(ARA) – There is a growing discontent among homeowners that has spurred a new trend in home remodeling. Homeowners are realizing that as they have matured their lifestyles and tastes have dramatically changed, leaving them feeling less comfortable in their houses. By using decor elements that better reflect their personalities they are transforming their houses into homes once again.
‘Newly remodeled homes are now being created with a personal connection,’ says Chris Sy of Carlisle Wide Plank Floors. ‘As part of a growing revolt against the tract homes of the 1980s, people are creating homes that take on the look and feel of their own personalities. There are a variety of options to reflect individuality; options that are rooted in history — such as flooring made from wide pine planks with antiqued nail holes — they have an historical feel.’
The traditional, lived-in feel can also be captured by the use of accessories made with hand-distressed wood. Solid distressed kitchen cabinets and doors make a statement of history and add warmth when hung. The same can be said of beams and paneling crafted in traditional styles. Adding more real wood and natural materials adds substance and style you can’t achieve with other materials.
Today designers and homeowners alike will take the most rustic wood and use it in an upscale city dwelling or the most formal wood and use it in a rustic cottage. It’s all about the individual and his/her lifestyle. You can further accentuate personal style by choosing wood in select, premium and country grades depending on how much character — grain, knots, cracks or holes — you desire. With so many options to reflect individuality, from the wood type, to grain, texture and stain colors, your decor can be completely your own style.
All of Carlisle’s antique wood floors are certified by the FSC as 100 percent post-consumer reclaimed antique wood. Using this wood builds an emotional connection with the homeowner, produces a uniquely aged look and texture, and makes less of an environmental impact.
‘The FSC chain-of-custody allows Carlisle to produce an historical portfolio with facts about ownership. If it came from a dairy barn, for example, the address of the barn is included, as well as any other details that are available such as when it was built, the owners’ names, dates they lived there and when it changed hands,’ explains Sy. ‘Knowing where your wood came from adds value. It lets you feel closer to it and creates a very interesting topic of conversation whenever guests visit.’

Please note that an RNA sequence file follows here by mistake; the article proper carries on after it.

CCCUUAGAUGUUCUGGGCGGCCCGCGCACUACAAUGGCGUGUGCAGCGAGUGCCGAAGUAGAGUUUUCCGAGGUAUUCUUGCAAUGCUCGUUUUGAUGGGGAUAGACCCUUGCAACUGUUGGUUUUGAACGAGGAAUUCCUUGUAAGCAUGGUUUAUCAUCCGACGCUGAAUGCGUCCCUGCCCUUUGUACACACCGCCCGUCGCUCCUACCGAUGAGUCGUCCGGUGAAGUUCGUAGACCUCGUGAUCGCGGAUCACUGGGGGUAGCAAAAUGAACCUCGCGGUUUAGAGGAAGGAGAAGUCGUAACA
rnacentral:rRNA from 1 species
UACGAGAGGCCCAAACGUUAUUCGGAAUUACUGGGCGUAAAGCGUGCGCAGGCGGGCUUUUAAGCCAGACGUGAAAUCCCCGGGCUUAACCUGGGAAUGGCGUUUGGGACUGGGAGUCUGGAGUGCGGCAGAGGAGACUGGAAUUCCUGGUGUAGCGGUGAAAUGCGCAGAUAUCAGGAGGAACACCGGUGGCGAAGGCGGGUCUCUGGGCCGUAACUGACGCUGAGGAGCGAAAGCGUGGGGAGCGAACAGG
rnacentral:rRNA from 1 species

History has a relationship with style. Out of varied histories from coast to coast, come regional design trends. In the northeast, the trend is toward floors as they appear in 200-year old homes: traditional, colonial, authentically antiqued wide planks are the popular choice. The wider the plank, the older the house — for a more established ‘old’ look in a new floor, you can use customary white pine, with knots that add character, for the feel of pure authenticity.
Throughout the Rocky Mountain region, lodges and large log homes with Southwestern decor stick to authentic antiqued hardwoods for an unmistakable look and feel. Mountain cabins have a lot of character. Adding new wood that is hand- sculpted, or antique wood that has natural character lends to the authentic Southwestern style. And in California and the West Coast, the hand-distressed, hand scraped hardwood floors with texture are popular. ‘The overall national trend at play is that larger dimension planks are being used when replacing floors,’ continues Sy. ‘People are using wider, longer boards. 5- to 10-inches wide is the average range of plank.’
Plank floors offers such a diversity of wood species and floor styles that no matter where you live or what kind of look you want to create, they have a hand crafted, solid wood floor that fits your personality and lifestyle. With a range that includes everything from hardwoods, antique and milled barn woods to South American exotic woods, you’re sure to find the style and character that suits the personality of your home.
For more information about FSC certification and green building, visit www.FSC.org. For more information about Carlisle Wide Plank Floors visit www.WideplankFlooring.com or call (866) 595-9663.
Courtesy of ARAcontent
For home improvement advice, visit JS West Lumber & Ace Hardware Sonora, Ca. or visit www.acehardware.com and click on the Answers@Ace icon. Answers@Ace is an online resource with information for do-it-yourselfers about hardware and home improvement projects. The Everyday Projects section has pictures and detailed, step-by-step instructions for this and many more home improvement projects.
To speak to an Ace Hardware advisor in Sonora call: 209 532 7446.